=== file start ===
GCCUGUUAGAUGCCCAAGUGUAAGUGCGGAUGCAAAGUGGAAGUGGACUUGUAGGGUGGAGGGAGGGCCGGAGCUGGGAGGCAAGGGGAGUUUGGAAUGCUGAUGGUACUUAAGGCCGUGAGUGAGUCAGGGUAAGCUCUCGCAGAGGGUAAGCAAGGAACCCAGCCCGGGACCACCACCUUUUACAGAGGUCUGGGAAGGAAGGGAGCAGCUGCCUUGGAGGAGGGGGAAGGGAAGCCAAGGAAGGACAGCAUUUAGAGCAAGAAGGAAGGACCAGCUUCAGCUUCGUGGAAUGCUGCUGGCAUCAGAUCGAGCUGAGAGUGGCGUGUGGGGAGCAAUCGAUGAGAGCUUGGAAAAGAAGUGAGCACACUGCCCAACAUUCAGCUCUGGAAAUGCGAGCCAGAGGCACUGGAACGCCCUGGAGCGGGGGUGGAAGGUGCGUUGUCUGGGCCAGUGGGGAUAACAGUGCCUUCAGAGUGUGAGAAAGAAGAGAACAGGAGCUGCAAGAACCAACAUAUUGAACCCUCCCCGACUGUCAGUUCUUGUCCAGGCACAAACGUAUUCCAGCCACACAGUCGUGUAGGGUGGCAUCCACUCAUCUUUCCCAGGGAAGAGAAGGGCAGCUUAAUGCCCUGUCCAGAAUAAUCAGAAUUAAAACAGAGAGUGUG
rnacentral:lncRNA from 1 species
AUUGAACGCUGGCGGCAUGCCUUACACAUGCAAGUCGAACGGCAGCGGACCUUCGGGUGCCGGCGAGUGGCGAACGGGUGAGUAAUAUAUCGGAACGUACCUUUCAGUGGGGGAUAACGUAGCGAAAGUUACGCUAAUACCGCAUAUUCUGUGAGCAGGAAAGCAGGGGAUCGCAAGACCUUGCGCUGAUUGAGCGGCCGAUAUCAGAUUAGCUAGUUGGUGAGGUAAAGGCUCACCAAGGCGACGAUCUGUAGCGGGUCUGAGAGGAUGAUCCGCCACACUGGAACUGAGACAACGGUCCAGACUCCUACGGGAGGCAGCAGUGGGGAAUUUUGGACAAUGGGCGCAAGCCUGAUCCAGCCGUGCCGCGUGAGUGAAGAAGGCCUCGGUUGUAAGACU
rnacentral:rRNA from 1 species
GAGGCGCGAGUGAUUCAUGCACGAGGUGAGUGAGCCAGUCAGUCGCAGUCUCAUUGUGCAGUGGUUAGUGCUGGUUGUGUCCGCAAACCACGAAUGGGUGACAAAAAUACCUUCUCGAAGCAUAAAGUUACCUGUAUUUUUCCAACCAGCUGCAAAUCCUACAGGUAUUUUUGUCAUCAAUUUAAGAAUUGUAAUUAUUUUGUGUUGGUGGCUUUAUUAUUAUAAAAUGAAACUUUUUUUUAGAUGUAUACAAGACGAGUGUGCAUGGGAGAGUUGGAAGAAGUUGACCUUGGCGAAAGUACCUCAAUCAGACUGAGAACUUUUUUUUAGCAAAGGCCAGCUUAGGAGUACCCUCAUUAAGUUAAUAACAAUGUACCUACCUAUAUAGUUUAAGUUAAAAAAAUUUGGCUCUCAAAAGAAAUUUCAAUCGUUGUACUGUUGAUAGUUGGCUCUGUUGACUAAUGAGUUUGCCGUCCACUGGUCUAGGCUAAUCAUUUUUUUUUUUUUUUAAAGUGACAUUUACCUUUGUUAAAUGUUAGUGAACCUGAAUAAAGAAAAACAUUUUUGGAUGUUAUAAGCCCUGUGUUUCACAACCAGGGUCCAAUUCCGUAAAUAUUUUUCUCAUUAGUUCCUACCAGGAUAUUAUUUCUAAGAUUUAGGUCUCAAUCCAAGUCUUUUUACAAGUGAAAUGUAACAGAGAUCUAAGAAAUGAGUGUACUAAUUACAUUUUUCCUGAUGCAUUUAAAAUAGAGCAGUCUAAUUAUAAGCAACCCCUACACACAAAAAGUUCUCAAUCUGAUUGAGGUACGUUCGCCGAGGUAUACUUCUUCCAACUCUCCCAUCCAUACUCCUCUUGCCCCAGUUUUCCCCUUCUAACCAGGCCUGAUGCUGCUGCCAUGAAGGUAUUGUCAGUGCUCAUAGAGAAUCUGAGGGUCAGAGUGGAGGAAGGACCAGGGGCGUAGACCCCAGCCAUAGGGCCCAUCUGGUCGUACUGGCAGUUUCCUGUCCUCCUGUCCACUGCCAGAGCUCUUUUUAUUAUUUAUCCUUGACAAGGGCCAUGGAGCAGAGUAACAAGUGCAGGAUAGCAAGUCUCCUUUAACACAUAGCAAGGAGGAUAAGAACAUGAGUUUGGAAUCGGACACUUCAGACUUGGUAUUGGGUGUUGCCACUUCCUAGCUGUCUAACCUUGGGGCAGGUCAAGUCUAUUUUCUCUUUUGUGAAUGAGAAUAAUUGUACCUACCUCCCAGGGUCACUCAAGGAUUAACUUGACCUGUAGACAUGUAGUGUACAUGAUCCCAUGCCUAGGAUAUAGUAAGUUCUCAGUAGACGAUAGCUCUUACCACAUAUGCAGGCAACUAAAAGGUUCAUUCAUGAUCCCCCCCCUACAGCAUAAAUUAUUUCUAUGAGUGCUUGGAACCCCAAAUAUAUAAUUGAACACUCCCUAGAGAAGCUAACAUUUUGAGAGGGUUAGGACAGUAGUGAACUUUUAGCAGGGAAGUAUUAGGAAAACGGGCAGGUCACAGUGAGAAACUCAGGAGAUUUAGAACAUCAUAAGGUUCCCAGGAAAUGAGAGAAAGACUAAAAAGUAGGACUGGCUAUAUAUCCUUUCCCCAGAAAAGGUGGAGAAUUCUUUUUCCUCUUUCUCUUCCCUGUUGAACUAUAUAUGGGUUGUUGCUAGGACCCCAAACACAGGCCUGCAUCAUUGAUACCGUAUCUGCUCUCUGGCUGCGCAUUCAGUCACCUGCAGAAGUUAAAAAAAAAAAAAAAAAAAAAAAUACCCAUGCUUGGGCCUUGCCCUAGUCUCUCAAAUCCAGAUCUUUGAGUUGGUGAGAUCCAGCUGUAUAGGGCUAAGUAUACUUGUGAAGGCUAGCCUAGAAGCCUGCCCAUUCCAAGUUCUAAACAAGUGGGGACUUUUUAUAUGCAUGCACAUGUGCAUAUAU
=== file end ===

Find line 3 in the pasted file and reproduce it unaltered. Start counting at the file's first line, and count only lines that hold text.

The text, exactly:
AUUGAACGCUGGCGGCAUGCCUUACACAUGCAAGUCGAACGGCAGCGGACCUUCGGGUGCCGGCGAGUGGCGAACGGGUGAGUAAUAUAUCGGAACGUACCUUUCAGUGGGGGAUAACGUAGCGAAAGUUACGCUAAUACCGCAUAUUCUGUGAGCAGGAAAGCAGGGGAUCGCAAGACCUUGCGCUGAUUGAGCGGCCGAUAUCAGAUUAGCUAGUUGGUGAGGUAAAGGCUCACCAAGGCGACGAUCUGUAGCGGGUCUGAGAGGAUGAUCCGCCACACUGGAACUGAGACAACGGUCCAGACUCCUACGGGAGGCAGCAGUGGGGAAUUUUGGACAAUGGGCGCAAGCCUGAUCCAGCCGUGCCGCGUGAGUGAAGAAGGCCUCGGUUGUAAGACU